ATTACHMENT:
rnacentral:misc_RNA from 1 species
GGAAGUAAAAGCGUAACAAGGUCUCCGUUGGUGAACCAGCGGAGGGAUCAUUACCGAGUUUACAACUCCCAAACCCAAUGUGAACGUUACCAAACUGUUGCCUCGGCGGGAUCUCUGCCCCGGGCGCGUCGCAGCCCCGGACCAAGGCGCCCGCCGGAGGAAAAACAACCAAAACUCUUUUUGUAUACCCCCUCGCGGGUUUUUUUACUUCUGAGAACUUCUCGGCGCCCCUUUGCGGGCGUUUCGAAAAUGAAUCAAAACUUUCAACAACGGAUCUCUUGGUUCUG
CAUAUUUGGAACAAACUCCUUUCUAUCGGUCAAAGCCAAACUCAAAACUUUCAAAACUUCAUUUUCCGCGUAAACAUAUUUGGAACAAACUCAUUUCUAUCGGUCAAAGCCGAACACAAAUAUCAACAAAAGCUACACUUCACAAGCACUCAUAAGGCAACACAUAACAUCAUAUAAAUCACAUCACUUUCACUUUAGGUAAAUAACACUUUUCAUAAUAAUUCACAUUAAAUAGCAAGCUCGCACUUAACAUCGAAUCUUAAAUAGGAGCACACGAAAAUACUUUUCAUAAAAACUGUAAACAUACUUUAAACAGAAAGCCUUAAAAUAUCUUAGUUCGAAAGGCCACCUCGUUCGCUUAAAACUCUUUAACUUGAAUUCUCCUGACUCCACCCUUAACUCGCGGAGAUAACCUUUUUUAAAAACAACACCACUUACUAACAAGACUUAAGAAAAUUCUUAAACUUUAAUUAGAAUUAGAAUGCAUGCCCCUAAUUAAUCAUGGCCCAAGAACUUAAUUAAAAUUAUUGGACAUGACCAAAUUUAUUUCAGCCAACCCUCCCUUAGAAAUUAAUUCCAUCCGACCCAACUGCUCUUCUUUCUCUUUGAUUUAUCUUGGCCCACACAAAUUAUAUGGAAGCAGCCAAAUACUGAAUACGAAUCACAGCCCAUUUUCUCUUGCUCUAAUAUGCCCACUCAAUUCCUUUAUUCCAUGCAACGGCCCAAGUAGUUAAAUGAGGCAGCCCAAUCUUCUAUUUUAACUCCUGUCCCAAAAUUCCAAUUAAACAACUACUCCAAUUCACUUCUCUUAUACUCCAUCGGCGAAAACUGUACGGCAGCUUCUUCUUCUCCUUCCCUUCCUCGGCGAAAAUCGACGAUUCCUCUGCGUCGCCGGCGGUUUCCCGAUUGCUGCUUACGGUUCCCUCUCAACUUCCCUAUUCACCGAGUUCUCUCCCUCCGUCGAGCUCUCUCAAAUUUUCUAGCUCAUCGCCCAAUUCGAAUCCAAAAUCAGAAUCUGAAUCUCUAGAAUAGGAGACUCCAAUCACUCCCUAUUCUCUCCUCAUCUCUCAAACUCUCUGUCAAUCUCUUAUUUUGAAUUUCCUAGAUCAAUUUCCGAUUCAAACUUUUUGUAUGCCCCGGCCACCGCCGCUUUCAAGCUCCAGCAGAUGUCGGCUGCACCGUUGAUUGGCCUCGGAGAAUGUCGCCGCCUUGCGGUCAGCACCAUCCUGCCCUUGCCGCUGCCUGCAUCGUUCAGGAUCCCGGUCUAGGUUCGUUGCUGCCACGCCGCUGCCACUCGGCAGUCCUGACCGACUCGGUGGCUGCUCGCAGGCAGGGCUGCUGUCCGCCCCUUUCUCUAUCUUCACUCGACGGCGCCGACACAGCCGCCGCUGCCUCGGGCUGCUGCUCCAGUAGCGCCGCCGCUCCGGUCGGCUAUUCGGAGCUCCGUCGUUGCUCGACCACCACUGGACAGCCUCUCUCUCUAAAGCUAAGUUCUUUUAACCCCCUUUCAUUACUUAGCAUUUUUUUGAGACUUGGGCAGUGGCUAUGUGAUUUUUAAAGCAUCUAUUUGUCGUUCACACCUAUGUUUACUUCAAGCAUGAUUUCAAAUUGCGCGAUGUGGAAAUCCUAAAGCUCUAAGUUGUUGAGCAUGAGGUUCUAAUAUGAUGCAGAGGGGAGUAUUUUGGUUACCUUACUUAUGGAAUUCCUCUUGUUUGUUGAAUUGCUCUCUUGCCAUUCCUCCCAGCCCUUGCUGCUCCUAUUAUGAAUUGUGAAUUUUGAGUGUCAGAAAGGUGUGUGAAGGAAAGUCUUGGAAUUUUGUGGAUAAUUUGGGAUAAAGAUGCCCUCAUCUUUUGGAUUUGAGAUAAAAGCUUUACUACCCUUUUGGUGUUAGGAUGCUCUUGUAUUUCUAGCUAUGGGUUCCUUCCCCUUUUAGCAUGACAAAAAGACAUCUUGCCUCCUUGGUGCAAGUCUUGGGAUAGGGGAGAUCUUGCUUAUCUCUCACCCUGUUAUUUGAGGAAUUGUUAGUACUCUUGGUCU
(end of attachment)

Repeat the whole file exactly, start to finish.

rnacentral:misc_RNA from 1 species
GGAAGUAAAAGCGUAACAAGGUCUCCGUUGGUGAACCAGCGGAGGGAUCAUUACCGAGUUUACAACUCCCAAACCCAAUGUGAACGUUACCAAACUGUUGCCUCGGCGGGAUCUCUGCCCCGGGCGCGUCGCAGCCCCGGACCAAGGCGCCCGCCGGAGGAAAAACAACCAAAACUCUUUUUGUAUACCCCCUCGCGGGUUUUUUUACUUCUGAGAACUUCUCGGCGCCCCUUUGCGGGCGUUUCGAAAAUGAAUCAAAACUUUCAACAACGGAUCUCUUGGUUCUG
CAUAUUUGGAACAAACUCCUUUCUAUCGGUCAAAGCCAAACUCAAAACUUUCAAAACUUCAUUUUCCGCGUAAACAUAUUUGGAACAAACUCAUUUCUAUCGGUCAAAGCCGAACACAAAUAUCAACAAAAGCUACACUUCACAAGCACUCAUAAGGCAACACAUAACAUCAUAUAAAUCACAUCACUUUCACUUUAGGUAAAUAACACUUUUCAUAAUAAUUCACAUUAAAUAGCAAGCUCGCACUUAACAUCGAAUCUUAAAUAGGAGCACACGAAAAUACUUUUCAUAAAAACUGUAAACAUACUUUAAACAGAAAGCCUUAAAAUAUCUUAGUUCGAAAGGCCACCUCGUUCGCUUAAAACUCUUUAACUUGAAUUCUCCUGACUCCACCCUUAACUCGCGGAGAUAACCUUUUUUAAAAACAACACCACUUACUAACAAGACUUAAGAAAAUUCUUAAACUUUAAUUAGAAUUAGAAUGCAUGCCCCUAAUUAAUCAUGGCCCAAGAACUUAAUUAAAAUUAUUGGACAUGACCAAAUUUAUUUCAGCCAACCCUCCCUUAGAAAUUAAUUCCAUCCGACCCAACUGCUCUUCUUUCUCUUUGAUUUAUCUUGGCCCACACAAAUUAUAUGGAAGCAGCCAAAUACUGAAUACGAAUCACAGCCCAUUUUCUCUUGCUCUAAUAUGCCCACUCAAUUCCUUUAUUCCAUGCAACGGCCCAAGUAGUUAAAUGAGGCAGCCCAAUCUUCUAUUUUAACUCCUGUCCCAAAAUUCCAAUUAAACAACUACUCCAAUUCACUUCUCUUAUACUCCAUCGGCGAAAACUGUACGGCAGCUUCUUCUUCUCCUUCCCUUCCUCGGCGAAAAUCGACGAUUCCUCUGCGUCGCCGGCGGUUUCCCGAUUGCUGCUUACGGUUCCCUCUCAACUUCCCUAUUCACCGAGUUCUCUCCCUCCGUCGAGCUCUCUCAAAUUUUCUAGCUCAUCGCCCAAUUCGAAUCCAAAAUCAGAAUCUGAAUCUCUAGAAUAGGAGACUCCAAUCACUCCCUAUUCUCUCCUCAUCUCUCAAACUCUCUGUCAAUCUCUUAUUUUGAAUUUCCUAGAUCAAUUUCCGAUUCAAACUUUUUGUAUGCCCCGGCCACCGCCGCUUUCAAGCUCCAGCAGAUGUCGGCUGCACCGUUGAUUGGCCUCGGAGAAUGUCGCCGCCUUGCGGUCAGCACCAUCCUGCCCUUGCCGCUGCCUGCAUCGUUCAGGAUCCCGGUCUAGGUUCGUUGCUGCCACGCCGCUGCCACUCGGCAGUCCUGACCGACUCGGUGGCUGCUCGCAGGCAGGGCUGCUGUCCGCCCCUUUCUCUAUCUUCACUCGACGGCGCCGACACAGCCGCCGCUGCCUCGGGCUGCUGCUCCAGUAGCGCCGCCGCUCCGGUCGGCUAUUCGGAGCUCCGUCGUUGCUCGACCACCACUGGACAGCCUCUCUCUCUAAAGCUAAGUUCUUUUAACCCCCUUUCAUUACUUAGCAUUUUUUUGAGACUUGGGCAGUGGCUAUGUGAUUUUUAAAGCAUCUAUUUGUCGUUCACACCUAUGUUUACUUCAAGCAUGAUUUCAAAUUGCGCGAUGUGGAAAUCCUAAAGCUCUAAGUUGUUGAGCAUGAGGUUCUAAUAUGAUGCAGAGGGGAGUAUUUUGGUUACCUUACUUAUGGAAUUCCUCUUGUUUGUUGAAUUGCUCUCUUGCCAUUCCUCCCAGCCCUUGCUGCUCCUAUUAUGAAUUGUGAAUUUUGAGUGUCAGAAAGGUGUGUGAAGGAAAGUCUUGGAAUUUUGUGGAUAAUUUGGGAUAAAGAUGCCCUCAUCUUUUGGAUUUGAGAUAAAAGCUUUACUACCCUUUUGGUGUUAGGAUGCUCUUGUAUUUCUAGCUAUGGGUUCCUUCCCCUUUUAGCAUGACAAAAAGACAUCUUGCCUCCUUGGUGCAAGUCUUGGGAUAGGGGAGAUCUUGCUUAUCUCUCACCCUGUUAUUUGAGGAAUUGUUAGUACUCUUGGUCU